“Peace with God” comes through a relationship with Jesus Christ. “Peace with God” isn’t found by somehow returning to obedience and by find a way to “get it right” this time. We find “peace with God” when we discover that we’re the recipients of a gift from the hands of God that comes to us through the life, death, and resurrection of Jesus Christ!

And now, here are your readings for the next two weeks:

Week 15

Sunday: 1 Corinthians 13-14 – Monday: Exodus 5-8 – Tuesday: 1 Samuel 21-25 – Wednesday: Psalms 42-44 – Thursday: Job 29-30 – Friday: Jeremiah: 12-16 – Saturday: Mark 9-10

Week 16

Sunday: 1 Corinthians 15-16 – Monday: Exodus 9-12 – Tuesday: 1 Samuel 26-31 – Wednesday: Psalms 45-47 – Thursday: Job 31-32 – Friday: Jeremiah 17-21 – Saturday: Mark 11-12

Blessings!

 

Reading Through the Bible – Week 13

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I hope that you’ve been continuing to read through the Bible with us. Please remember that we’re simply inviting you to more deeply connect with God’s Word and to create a routine that includes spending some time with God every day. If you’ve missed a few of the readings along the way, it’s OK. I’ve missed some readings, too. The good news is: this is NOT a competition! Just jump back in. Draw a line in the sand and continue on your way with us. And, please, don’t think that you need to “catch up.” Just begin, again, with this week’s readings.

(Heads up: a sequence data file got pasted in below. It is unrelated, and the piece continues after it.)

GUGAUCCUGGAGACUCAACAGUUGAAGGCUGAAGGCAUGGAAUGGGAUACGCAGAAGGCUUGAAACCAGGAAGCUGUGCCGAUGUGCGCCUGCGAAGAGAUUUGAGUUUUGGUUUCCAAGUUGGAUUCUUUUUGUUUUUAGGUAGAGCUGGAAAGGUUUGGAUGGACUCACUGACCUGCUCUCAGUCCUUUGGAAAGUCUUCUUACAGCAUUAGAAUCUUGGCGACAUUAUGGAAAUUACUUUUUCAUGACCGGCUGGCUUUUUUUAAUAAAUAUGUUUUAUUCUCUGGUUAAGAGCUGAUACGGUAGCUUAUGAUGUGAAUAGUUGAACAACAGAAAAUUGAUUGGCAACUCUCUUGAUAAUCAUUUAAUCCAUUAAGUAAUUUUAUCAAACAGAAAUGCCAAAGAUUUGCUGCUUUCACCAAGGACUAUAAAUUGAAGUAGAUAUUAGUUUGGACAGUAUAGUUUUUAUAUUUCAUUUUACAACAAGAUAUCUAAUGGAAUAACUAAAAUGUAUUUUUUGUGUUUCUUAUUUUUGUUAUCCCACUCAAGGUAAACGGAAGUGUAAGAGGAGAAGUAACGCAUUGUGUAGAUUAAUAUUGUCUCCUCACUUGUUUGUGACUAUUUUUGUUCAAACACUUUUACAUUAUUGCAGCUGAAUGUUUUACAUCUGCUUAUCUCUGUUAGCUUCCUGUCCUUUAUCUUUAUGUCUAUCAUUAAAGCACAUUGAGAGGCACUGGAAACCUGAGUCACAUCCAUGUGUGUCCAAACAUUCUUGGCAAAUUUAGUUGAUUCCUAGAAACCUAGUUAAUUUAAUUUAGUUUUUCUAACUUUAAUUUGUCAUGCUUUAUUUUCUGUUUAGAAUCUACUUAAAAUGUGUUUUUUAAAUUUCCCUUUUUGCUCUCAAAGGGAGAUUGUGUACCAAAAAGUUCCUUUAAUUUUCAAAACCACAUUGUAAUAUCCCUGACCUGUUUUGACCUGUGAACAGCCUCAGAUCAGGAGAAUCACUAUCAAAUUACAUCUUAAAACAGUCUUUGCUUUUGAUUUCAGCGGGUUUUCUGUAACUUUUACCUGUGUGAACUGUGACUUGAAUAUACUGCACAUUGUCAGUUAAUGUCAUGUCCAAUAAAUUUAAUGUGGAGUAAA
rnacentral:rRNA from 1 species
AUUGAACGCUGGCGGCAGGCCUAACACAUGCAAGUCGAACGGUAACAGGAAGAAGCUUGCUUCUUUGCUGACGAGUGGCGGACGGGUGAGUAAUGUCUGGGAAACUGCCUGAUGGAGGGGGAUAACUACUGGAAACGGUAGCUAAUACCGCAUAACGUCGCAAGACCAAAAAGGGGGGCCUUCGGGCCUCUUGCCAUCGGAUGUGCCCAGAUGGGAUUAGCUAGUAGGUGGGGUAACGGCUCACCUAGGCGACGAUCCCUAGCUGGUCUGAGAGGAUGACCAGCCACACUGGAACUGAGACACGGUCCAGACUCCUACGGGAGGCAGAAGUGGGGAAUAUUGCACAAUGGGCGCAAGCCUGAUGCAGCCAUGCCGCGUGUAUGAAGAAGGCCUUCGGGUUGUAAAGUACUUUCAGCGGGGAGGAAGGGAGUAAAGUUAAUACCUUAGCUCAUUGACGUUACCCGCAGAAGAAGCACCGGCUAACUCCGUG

In two weeks, we’re going to move out of the book of Genesis and plunge into Exodus – one of the best-known books in the Old Testament. You may have already heard the story of the Exodus. You may be one of the people who watch the story of the Exodus (starring Charlton Heston) around Easter. But, did you know that the story of the Exodus began in the book of Genesis? The Hebrews were first invited into the land of Egypt when Joseph forgave his brothers and offered them refuge in the midst of a famine.